Lloyd's: Renewables, efficiency could help fossil-producing countries make up lost revenue
Low oil prices and rising energy demand will make renewable energy and energy efficiency technologies more attractive across the Middle East, according to a new report from Llyod’s Register.
The growth of renewable and energy efficient technologies will be essential in meeting the expected 48% increase in global energy consumption between 2012 and 2040 forecasted by the U.S. Energy Information Administration (EIA), according to the report.
- Participants in a roundtable hosted by Llyod’s, which was used to compile the report, did not see low carbon technologies as a threat to the dominance of hydrocarbon technology, which they saw retaining its position as a primary energy source for at least five more decades. The results come out of an industry roundtable discussion hosted by Llyod’s at the Abu Dhabi International Petroleum Exhibition and Conference in November.
Low oil prices have benefited many consumers, but few economies have benefited, particularly in the Middle East where the International Monetary Fund estimates that those countries lost $390 billion in oil revenue in 2015.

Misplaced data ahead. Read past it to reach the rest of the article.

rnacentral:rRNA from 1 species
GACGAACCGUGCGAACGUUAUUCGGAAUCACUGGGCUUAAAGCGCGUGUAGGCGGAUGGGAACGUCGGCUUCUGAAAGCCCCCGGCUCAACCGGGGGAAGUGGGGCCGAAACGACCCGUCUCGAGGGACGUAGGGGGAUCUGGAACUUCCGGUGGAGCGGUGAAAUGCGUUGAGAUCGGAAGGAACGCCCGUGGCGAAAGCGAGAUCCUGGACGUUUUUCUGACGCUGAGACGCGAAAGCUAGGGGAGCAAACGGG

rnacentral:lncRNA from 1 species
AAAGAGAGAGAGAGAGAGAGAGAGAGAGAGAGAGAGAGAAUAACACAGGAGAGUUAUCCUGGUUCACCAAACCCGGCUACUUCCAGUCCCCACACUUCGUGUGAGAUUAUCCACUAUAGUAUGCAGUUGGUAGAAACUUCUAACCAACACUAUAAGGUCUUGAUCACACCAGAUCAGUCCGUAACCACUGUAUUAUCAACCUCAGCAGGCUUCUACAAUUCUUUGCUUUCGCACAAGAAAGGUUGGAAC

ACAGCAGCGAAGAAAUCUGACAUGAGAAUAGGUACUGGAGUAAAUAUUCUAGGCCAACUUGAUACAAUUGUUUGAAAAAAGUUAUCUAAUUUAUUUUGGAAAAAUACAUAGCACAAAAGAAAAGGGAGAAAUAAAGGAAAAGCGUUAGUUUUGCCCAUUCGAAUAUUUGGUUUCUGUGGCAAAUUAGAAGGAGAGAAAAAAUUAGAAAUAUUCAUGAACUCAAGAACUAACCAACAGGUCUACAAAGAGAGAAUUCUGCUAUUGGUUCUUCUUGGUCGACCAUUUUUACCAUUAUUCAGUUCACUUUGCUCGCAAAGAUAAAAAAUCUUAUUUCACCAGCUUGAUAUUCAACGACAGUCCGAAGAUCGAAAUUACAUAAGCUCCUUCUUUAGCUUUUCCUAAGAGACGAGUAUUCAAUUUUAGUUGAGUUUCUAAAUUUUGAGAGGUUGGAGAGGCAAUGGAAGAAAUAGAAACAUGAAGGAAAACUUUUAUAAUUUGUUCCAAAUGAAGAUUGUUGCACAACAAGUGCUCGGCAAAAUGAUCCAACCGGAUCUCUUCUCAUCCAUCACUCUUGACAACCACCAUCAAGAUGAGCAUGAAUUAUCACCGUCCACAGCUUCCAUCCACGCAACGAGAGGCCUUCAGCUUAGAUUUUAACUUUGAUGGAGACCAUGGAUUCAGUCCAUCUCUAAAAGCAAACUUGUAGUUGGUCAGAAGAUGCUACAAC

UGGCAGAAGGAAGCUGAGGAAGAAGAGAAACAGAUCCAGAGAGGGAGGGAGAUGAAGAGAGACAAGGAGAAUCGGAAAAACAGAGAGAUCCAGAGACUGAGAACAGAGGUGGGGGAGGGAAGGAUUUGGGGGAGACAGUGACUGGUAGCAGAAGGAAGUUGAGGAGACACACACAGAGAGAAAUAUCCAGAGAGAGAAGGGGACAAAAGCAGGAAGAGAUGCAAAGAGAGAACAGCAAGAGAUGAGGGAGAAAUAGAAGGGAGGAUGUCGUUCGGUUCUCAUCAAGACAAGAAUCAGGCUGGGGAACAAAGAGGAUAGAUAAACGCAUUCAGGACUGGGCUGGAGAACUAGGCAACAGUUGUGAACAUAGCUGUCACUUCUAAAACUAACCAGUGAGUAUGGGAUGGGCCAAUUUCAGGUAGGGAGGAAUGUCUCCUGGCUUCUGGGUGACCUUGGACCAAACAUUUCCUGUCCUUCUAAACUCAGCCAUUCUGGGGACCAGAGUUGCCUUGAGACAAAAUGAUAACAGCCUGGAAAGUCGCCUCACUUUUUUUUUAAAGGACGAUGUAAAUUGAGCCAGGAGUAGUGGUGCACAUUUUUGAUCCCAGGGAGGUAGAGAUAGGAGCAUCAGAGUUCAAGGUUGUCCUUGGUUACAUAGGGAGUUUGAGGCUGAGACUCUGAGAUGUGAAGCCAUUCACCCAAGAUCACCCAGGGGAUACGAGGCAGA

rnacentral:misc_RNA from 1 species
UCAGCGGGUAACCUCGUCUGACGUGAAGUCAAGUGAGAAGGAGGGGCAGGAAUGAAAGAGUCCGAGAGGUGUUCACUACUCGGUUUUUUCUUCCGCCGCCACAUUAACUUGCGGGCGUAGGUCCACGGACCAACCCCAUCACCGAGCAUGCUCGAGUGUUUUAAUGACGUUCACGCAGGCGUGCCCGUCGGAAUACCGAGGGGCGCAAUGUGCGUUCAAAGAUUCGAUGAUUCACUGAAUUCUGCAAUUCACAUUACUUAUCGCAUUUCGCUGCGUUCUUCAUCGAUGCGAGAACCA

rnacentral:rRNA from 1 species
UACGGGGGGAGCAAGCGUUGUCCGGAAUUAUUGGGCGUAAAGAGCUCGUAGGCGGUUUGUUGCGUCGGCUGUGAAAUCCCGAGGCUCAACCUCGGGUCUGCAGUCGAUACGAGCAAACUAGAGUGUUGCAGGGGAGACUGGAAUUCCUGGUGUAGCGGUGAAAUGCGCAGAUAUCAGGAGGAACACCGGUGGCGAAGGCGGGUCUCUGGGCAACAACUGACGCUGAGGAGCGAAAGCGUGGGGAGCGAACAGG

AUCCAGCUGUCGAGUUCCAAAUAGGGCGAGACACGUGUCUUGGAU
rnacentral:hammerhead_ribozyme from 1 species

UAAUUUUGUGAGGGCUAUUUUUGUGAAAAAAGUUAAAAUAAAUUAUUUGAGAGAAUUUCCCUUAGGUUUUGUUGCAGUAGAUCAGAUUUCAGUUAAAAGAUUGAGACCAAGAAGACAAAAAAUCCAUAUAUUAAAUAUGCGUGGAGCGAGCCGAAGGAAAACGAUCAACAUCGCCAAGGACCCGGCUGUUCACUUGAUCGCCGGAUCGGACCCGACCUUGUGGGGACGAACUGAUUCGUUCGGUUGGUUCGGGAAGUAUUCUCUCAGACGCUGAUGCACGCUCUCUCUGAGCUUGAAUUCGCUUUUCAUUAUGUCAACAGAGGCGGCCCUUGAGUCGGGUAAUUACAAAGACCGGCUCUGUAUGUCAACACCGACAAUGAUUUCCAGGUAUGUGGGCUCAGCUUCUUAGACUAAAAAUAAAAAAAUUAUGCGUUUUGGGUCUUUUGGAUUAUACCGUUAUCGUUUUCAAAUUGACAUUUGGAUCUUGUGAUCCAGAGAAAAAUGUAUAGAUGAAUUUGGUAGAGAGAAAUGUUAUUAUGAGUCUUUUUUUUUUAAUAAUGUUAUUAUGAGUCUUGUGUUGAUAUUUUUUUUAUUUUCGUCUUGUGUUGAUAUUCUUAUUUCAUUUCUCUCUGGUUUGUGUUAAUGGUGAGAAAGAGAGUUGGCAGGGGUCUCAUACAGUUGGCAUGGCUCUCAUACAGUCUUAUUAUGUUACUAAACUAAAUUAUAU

“This is a timely issue, considering the International Energy Agency (IEA) recorded a 25% reduction in field investments in 2015 to $583 billion and said in September this year that oil prices could stay within today’s $50 a barrel range until mid-2017,” Alasdair Buchanan, Lloyd’s Register’s energy director, said in a statement.
He said the unnerving outlook for oil-centered economies in the Gulf, such as Saudi Arabia, Qatar, Kuwait and the UAE, can be increasingly offset by low carbon solutions.Some of the countries in the region have begun to cut state-funded oil subsidies and are looking at technologies that can raise energy efficiency.
Lloyd's report reflects other growing trends in economies dependent on fossil-fuel development, even in the U.S. OPEC ramped up oil production to stifle increasing competition from the U.S. in the past two years. As a result all-time low natural gas prices, sparked in part by the fracking boom in the U.S. Midwest and West, have helped push utilities away from coal-fired generation. How energy efficiency and renewables will play a part on the global stage remains to be seen, but, as Lloyd's report shows, these countries could tap into major resources to compensate for decreasing oil revenue.
- Lloyd's Register Low Carbon & Politics: The Merging of Two Worlds
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